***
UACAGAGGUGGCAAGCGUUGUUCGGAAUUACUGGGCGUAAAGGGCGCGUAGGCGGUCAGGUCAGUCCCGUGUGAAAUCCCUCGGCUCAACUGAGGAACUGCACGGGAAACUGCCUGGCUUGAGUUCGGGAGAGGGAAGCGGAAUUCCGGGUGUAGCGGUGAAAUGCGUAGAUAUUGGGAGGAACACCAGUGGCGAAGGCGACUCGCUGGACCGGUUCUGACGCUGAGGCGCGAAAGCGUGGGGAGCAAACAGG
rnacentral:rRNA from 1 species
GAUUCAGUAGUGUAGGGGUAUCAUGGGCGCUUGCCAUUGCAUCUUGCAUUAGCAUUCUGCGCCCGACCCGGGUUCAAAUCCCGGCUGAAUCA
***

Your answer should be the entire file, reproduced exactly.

UACAGAGGUGGCAAGCGUUGUUCGGAAUUACUGGGCGUAAAGGGCGCGUAGGCGGUCAGGUCAGUCCCGUGUGAAAUCCCUCGGCUCAACUGAGGAACUGCACGGGAAACUGCCUGGCUUGAGUUCGGGAGAGGGAAGCGGAAUUCCGGGUGUAGCGGUGAAAUGCGUAGAUAUUGGGAGGAACACCAGUGGCGAAGGCGACUCGCUGGACCGGUUCUGACGCUGAGGCGCGAAAGCGUGGGGAGCAAACAGG
rnacentral:rRNA from 1 species
GAUUCAGUAGUGUAGGGGUAUCAUGGGCGCUUGCCAUUGCAUCUUGCAUUAGCAUUCUGCGCCCGACCCGGGUUCAAAUCCCGGCUGAAUCA